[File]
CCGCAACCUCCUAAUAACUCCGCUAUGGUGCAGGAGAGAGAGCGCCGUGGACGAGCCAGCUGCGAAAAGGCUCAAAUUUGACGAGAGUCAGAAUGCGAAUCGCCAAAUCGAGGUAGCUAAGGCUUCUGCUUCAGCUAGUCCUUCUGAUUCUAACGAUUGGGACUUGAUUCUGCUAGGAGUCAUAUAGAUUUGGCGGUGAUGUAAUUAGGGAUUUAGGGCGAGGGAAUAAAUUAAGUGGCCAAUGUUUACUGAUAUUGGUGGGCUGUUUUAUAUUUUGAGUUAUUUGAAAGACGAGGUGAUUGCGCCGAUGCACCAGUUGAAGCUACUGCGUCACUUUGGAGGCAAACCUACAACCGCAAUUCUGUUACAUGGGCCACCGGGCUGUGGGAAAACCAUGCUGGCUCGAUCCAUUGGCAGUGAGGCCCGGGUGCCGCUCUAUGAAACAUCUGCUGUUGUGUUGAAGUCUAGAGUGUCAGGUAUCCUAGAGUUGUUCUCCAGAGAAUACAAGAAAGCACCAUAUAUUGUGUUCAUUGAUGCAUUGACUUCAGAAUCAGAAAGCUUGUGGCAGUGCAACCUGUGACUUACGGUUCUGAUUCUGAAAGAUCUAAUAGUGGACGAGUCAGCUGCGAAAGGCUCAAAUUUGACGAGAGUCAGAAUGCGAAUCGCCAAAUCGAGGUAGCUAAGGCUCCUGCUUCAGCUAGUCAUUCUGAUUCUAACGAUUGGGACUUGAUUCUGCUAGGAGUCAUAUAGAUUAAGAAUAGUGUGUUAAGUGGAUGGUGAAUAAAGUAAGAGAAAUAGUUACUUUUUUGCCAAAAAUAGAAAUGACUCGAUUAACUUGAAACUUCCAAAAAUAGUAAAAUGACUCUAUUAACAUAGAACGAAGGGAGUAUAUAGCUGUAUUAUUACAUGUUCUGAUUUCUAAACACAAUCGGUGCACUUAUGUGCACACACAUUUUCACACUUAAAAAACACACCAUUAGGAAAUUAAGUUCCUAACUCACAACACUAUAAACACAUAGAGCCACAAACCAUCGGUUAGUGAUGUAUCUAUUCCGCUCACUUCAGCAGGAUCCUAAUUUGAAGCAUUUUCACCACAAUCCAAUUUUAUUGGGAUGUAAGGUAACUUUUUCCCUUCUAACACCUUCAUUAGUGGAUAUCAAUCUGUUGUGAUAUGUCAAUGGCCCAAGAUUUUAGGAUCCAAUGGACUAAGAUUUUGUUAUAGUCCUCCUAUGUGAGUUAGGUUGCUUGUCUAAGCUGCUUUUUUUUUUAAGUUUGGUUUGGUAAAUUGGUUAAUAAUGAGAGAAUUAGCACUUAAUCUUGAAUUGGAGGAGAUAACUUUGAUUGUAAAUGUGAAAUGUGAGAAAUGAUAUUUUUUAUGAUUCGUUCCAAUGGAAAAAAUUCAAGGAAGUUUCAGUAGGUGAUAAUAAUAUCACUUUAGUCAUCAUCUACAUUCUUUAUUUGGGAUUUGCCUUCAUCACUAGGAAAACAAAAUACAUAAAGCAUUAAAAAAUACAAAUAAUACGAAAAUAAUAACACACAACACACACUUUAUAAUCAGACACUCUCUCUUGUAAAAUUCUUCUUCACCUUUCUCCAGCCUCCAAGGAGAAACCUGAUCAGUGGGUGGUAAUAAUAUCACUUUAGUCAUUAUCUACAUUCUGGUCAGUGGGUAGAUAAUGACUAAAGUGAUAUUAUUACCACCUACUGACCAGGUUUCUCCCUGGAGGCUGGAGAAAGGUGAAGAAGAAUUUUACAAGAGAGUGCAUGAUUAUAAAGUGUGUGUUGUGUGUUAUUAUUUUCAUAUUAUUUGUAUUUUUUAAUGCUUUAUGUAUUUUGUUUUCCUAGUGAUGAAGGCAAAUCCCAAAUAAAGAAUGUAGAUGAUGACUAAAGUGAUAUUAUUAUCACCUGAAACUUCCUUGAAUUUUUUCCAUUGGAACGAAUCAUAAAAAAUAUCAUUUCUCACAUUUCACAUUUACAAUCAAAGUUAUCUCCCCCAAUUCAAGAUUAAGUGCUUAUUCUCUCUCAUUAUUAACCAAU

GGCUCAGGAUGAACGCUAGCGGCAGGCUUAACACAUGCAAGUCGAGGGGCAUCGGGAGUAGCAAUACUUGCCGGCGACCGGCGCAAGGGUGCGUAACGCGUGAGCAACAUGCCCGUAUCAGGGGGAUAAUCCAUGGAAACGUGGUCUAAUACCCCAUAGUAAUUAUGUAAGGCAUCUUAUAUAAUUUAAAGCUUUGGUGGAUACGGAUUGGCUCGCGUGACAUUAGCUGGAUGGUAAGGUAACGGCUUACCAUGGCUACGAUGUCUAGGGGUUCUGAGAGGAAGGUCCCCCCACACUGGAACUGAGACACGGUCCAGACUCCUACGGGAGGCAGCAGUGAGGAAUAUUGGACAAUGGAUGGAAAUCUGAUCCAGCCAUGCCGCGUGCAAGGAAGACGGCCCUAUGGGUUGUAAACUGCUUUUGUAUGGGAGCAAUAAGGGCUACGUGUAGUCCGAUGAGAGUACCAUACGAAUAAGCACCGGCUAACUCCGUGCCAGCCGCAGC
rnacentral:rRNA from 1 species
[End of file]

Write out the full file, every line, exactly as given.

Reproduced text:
CCGCAACCUCCUAAUAACUCCGCUAUGGUGCAGGAGAGAGAGCGCCGUGGACGAGCCAGCUGCGAAAAGGCUCAAAUUUGACGAGAGUCAGAAUGCGAAUCGCCAAAUCGAGGUAGCUAAGGCUUCUGCUUCAGCUAGUCCUUCUGAUUCUAACGAUUGGGACUUGAUUCUGCUAGGAGUCAUAUAGAUUUGGCGGUGAUGUAAUUAGGGAUUUAGGGCGAGGGAAUAAAUUAAGUGGCCAAUGUUUACUGAUAUUGGUGGGCUGUUUUAUAUUUUGAGUUAUUUGAAAGACGAGGUGAUUGCGCCGAUGCACCAGUUGAAGCUACUGCGUCACUUUGGAGGCAAACCUACAACCGCAAUUCUGUUACAUGGGCCACCGGGCUGUGGGAAAACCAUGCUGGCUCGAUCCAUUGGCAGUGAGGCCCGGGUGCCGCUCUAUGAAACAUCUGCUGUUGUGUUGAAGUCUAGAGUGUCAGGUAUCCUAGAGUUGUUCUCCAGAGAAUACAAGAAAGCACCAUAUAUUGUGUUCAUUGAUGCAUUGACUUCAGAAUCAGAAAGCUUGUGGCAGUGCAACCUGUGACUUACGGUUCUGAUUCUGAAAGAUCUAAUAGUGGACGAGUCAGCUGCGAAAGGCUCAAAUUUGACGAGAGUCAGAAUGCGAAUCGCCAAAUCGAGGUAGCUAAGGCUCCUGCUUCAGCUAGUCAUUCUGAUUCUAACGAUUGGGACUUGAUUCUGCUAGGAGUCAUAUAGAUUAAGAAUAGUGUGUUAAGUGGAUGGUGAAUAAAGUAAGAGAAAUAGUUACUUUUUUGCCAAAAAUAGAAAUGACUCGAUUAACUUGAAACUUCCAAAAAUAGUAAAAUGACUCUAUUAACAUAGAACGAAGGGAGUAUAUAGCUGUAUUAUUACAUGUUCUGAUUUCUAAACACAAUCGGUGCACUUAUGUGCACACACAUUUUCACACUUAAAAAACACACCAUUAGGAAAUUAAGUUCCUAACUCACAACACUAUAAACACAUAGAGCCACAAACCAUCGGUUAGUGAUGUAUCUAUUCCGCUCACUUCAGCAGGAUCCUAAUUUGAAGCAUUUUCACCACAAUCCAAUUUUAUUGGGAUGUAAGGUAACUUUUUCCCUUCUAACACCUUCAUUAGUGGAUAUCAAUCUGUUGUGAUAUGUCAAUGGCCCAAGAUUUUAGGAUCCAAUGGACUAAGAUUUUGUUAUAGUCCUCCUAUGUGAGUUAGGUUGCUUGUCUAAGCUGCUUUUUUUUUUAAGUUUGGUUUGGUAAAUUGGUUAAUAAUGAGAGAAUUAGCACUUAAUCUUGAAUUGGAGGAGAUAACUUUGAUUGUAAAUGUGAAAUGUGAGAAAUGAUAUUUUUUAUGAUUCGUUCCAAUGGAAAAAAUUCAAGGAAGUUUCAGUAGGUGAUAAUAAUAUCACUUUAGUCAUCAUCUACAUUCUUUAUUUGGGAUUUGCCUUCAUCACUAGGAAAACAAAAUACAUAAAGCAUUAAAAAAUACAAAUAAUACGAAAAUAAUAACACACAACACACACUUUAUAAUCAGACACUCUCUCUUGUAAAAUUCUUCUUCACCUUUCUCCAGCCUCCAAGGAGAAACCUGAUCAGUGGGUGGUAAUAAUAUCACUUUAGUCAUUAUCUACAUUCUGGUCAGUGGGUAGAUAAUGACUAAAGUGAUAUUAUUACCACCUACUGACCAGGUUUCUCCCUGGAGGCUGGAGAAAGGUGAAGAAGAAUUUUACAAGAGAGUGCAUGAUUAUAAAGUGUGUGUUGUGUGUUAUUAUUUUCAUAUUAUUUGUAUUUUUUAAUGCUUUAUGUAUUUUGUUUUCCUAGUGAUGAAGGCAAAUCCCAAAUAAAGAAUGUAGAUGAUGACUAAAGUGAUAUUAUUAUCACCUGAAACUUCCUUGAAUUUUUUCCAUUGGAACGAAUCAUAAAAAAUAUCAUUUCUCACAUUUCACAUUUACAAUCAAAGUUAUCUCCCCCAAUUCAAGAUUAAGUGCUUAUUCUCUCUCAUUAUUAACCAAU

GGCUCAGGAUGAACGCUAGCGGCAGGCUUAACACAUGCAAGUCGAGGGGCAUCGGGAGUAGCAAUACUUGCCGGCGACCGGCGCAAGGGUGCGUAACGCGUGAGCAACAUGCCCGUAUCAGGGGGAUAAUCCAUGGAAACGUGGUCUAAUACCCCAUAGUAAUUAUGUAAGGCAUCUUAUAUAAUUUAAAGCUUUGGUGGAUACGGAUUGGCUCGCGUGACAUUAGCUGGAUGGUAAGGUAACGGCUUACCAUGGCUACGAUGUCUAGGGGUUCUGAGAGGAAGGUCCCCCCACACUGGAACUGAGACACGGUCCAGACUCCUACGGGAGGCAGCAGUGAGGAAUAUUGGACAAUGGAUGGAAAUCUGAUCCAGCCAUGCCGCGUGCAAGGAAGACGGCCCUAUGGGUUGUAAACUGCUUUUGUAUGGGAGCAAUAAGGGCUACGUGUAGUCCGAUGAGAGUACCAUACGAAUAAGCACCGGCUAACUCCGUGCCAGCCGCAGC
rnacentral:rRNA from 1 species